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  • Writer's pictureThe San Juan Daily Star

Louis Gossett Jr., 87, dies; ‘An Officer and a Gentleman’ and ‘Roots’ actor



Louis Gossett, right, in his professional stage debut, in Louis Peterson’s “Take a Giant Step” in New York in 1953. Gossett Jr., who took home an Academy Award for “An Officer and a Gentleman” and an Emmy for “Roots,” died in Santa Monica, Calif. on March 29, 2024. He was 87. (Sam Falk/The New York Times)

By Anita Gates


Louis Gossett Jr., who took home an Academy Award for “An Officer and a Gentleman” and an Emmy for “Roots,” both times playing a mature man who guides a younger one taking on a new role — but in drastically different circumstances — died early Friday in Santa Monica, California. He was 87.


Gossett’s first cousin Neal L. Gossett confirmed the death. He did not specify a cause.


Gossett was 46 when he played Emil Foley, the Marine drill instructor from hell who ultimately shapes the humanity of an emotionally damaged young Naval aviation recruit (Richard Gere) in “An Officer and a Gentleman” (1982). Reviewing the movie in The New York Times, Vincent Canby described Foley as a cruel taskmaster “recycled as a man of recognizable cunning, dedication and humor” revealed in “the kind of performance that wins awards.”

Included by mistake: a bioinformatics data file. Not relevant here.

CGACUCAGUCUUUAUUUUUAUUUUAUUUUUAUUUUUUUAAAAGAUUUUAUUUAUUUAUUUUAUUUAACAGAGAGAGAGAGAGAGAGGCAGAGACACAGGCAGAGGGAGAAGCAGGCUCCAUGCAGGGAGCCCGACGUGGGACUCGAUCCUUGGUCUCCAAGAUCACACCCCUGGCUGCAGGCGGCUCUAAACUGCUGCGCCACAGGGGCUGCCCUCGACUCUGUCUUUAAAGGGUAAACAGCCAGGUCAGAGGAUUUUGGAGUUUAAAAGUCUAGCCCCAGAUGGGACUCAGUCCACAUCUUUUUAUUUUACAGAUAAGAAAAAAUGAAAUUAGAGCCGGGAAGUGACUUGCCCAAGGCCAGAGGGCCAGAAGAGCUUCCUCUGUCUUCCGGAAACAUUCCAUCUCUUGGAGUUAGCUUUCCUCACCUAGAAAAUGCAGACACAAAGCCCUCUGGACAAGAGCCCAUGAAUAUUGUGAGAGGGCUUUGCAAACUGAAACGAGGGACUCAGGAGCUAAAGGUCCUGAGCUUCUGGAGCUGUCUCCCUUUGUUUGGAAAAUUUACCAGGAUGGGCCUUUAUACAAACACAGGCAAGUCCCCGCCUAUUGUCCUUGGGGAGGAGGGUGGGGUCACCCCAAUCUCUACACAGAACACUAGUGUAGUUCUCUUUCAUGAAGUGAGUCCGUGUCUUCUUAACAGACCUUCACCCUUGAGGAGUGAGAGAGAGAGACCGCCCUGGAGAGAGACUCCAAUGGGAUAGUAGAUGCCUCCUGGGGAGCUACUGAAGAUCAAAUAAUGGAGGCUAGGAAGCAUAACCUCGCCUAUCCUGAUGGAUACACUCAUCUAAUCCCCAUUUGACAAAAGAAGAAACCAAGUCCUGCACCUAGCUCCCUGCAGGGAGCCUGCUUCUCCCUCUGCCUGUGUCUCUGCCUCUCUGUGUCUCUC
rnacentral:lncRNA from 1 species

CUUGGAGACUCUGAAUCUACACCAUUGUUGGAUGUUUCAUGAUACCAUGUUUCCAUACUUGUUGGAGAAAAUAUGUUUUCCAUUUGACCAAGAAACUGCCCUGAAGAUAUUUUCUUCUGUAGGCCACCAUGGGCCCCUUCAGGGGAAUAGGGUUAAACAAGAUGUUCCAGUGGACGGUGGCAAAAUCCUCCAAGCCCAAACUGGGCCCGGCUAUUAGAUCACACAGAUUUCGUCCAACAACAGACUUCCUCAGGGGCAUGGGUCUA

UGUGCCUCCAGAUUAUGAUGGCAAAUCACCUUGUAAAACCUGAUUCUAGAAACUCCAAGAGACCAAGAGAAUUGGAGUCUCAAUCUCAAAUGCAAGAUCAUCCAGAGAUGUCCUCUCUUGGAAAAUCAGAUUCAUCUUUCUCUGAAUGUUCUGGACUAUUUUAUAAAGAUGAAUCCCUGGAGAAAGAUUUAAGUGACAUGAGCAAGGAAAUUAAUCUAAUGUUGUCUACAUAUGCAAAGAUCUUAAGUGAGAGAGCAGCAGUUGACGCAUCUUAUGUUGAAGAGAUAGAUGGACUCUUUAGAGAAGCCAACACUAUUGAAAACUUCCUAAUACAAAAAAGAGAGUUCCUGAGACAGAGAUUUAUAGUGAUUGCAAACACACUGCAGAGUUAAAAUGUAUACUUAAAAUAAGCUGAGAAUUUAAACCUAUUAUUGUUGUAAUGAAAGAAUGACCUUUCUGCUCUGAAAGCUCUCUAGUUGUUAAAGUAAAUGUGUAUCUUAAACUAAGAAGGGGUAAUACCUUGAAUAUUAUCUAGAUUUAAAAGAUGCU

Gossett told the Times that he had recognized the role’s worth immediately. “The words just tasted good,” he recalled.


When he accepted the Oscar for best supporting actor in 1983, he was the first Black performer to win in that category and only the third (after Hattie McDaniel and Sidney Poitier) to win an Academy Award for acting.


Gossett, a versatile actor, played a range of parts in his long career. But he was best known for playing decent, plain-spoken men, often authority figures.


By the time he won his Oscar, he had already won an Emmy as Fiddler, the mentor of the lead character, Kunta Kinte (LeVar Burton), in the blockbuster 1977 miniseries “Roots.”


Fiddler was, as the name suggested, a musician, an enslaved man on an 18th-century Virginia plantation. Gossett was not thrilled about the role at first. “Why choose me to play the Uncle Tom?” he remembered thinking in a 2018 Television Academy video interview. But he came to admire the survival skills of forebears like Fiddler, he said, and based the character on his grandparents and a great-grandmother.